A major review of SEN?
24. In her evidence to this Committee, Baroness Warnock
said that a radical review of SEN policy is needed. In their
submission the DfES said that "It (The Government) does not
believe that a major review of policy on SEN would be appropriate
at present [...] what is needed now is change on the ground.
Any new review would simply delay progress in making this happen."
25. Lord Adonis told this Committee that:
"the case for a wholesale replacement of
the local authority system and statementing does not appear to
us to have been made convincingly."
26. The Minister went on to say that:
"Ofsted has been critical of the SEN in
the past, but
we know the challenges, we know what works,
we know the conditions that make things work and we know what
does not work. Ofsted's view would be: "Let us focus on
those things and change them."
27. In their memorandum to this inquiry, the DfES
have argued that it is precisely because of the Ofsted and Audit
Commission reports that the issues are known and, therefore, a
major review of SEN policy is not needed.
The Audit Commission has, however, specifically called for a review
of policy on the issue of statements. It published a briefing
entitled Statutory Assessment and Statements of SEN: In Need
of Review in June 2002 which highlighted claims that: demand
for statements was rising; statutory assessment was costly and
bureaucratic, stressful for parents and added little value in
meeting a child's needs; and that statements were leading to an
inequitable distribution of resources, and failed to support early
intervention and inclusive practice.
Despite the Audit Commission specifically calling for a review
of the statementing process in 2002, four years on the Government
still says it has no plans to review the statementing process.
This is unacceptable.
28. When asked about SEN policy during Prime Minister's
Questions on 2 November 2005, however, the Prime Minister said
"I accept there is room for improvement and we are keeping
SEN provision under review." Along with the DfES innovations
unit, Lord Adonis held a private "Ministerial Seminar on
next practice in SEN" in November 2005 which involved a wide
ranging discussion with expertsparticularly on proposals
surrounding "third way provision"
on which a paper was provided.
29. Furthermore, the Treasury is undertaking a "root
and branch" review of funding for children with complex needs.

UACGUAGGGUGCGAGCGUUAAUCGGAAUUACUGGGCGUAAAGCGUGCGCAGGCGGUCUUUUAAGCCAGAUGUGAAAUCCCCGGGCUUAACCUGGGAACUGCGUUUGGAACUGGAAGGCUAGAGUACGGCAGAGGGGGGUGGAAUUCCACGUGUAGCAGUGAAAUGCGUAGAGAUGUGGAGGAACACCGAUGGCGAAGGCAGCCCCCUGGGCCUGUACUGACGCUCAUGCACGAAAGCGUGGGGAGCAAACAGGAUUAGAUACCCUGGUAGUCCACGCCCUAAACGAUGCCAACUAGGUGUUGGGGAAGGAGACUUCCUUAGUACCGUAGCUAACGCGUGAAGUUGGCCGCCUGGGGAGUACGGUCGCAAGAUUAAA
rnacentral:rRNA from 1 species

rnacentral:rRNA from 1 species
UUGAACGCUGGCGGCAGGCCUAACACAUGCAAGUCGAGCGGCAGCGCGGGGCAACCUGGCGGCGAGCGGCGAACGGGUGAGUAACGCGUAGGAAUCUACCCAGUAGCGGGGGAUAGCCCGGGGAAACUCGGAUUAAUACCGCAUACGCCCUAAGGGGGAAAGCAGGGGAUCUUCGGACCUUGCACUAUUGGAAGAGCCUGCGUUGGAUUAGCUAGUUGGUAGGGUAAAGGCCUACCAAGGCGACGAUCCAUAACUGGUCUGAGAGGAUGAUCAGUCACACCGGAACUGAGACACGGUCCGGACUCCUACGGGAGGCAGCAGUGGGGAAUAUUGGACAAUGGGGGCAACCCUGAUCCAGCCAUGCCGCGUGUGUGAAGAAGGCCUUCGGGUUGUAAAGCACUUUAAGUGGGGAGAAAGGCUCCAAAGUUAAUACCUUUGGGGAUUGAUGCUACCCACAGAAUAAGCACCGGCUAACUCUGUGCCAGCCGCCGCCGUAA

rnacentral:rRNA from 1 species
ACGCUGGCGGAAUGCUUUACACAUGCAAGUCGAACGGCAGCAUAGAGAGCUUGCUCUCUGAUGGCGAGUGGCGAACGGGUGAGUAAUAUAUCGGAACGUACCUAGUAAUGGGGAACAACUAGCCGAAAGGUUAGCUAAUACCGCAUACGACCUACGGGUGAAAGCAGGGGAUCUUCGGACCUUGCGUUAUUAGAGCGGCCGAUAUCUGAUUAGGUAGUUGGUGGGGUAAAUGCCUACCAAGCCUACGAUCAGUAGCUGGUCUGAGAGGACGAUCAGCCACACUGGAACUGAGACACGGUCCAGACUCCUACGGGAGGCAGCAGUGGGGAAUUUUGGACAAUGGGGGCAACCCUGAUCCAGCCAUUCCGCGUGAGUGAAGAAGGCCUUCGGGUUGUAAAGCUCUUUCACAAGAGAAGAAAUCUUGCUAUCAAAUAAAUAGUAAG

David Singleton of Children Now reported that "the
DfES has identified this area as the one in which it would most
like funding to be increased in the next spending review [...]
The Treasury will now begin a process called "zero-base
budgeting", in which it calculates the amount of funding
required from a base level of zero (or from first principles).
This could lead to a significant increase in the level of funding
directed towards children with complex needsan area that
includes looked-after children, children with special educational
needs and those with severe disabilities."
The DfES has told the Committee that this is a joint review with
the Treasury and will report through the Comprehensive Spending
Review either in November 2006 or March 2007.
30. Ofsted do not believe a major review of SEN is
necessary, but Eileen Visser, Area Division Manager, Ofsted, did
say to this Committee that:
"Some aspects of the structural provision
need more than a tweak. They do need us to sit down together,
across the political dimension, the inspection dimension and the
professional field, and say, "What is it that we need to
31. Whilst the Government says is does not wish
to undertake a major public review of its policy on SEN, it does
seem to be re-considering its policy in private. The fact
that the DfES has identified SEN as the area it would most like
significant additional funding for is an encouraging sign of progress.
The Minister assured us that the Government:
"[...] would look very carefully at anything
you recommended to us in this area or other areas."
32. The Committee believes this is a critical
time to be publishing the results of our inquiry. We would urge
the Government to give most careful thought to our recommendations
and consider a completely fresh look at SEN. We look forward
to constructive and vital progress for children with SEN and disabilities.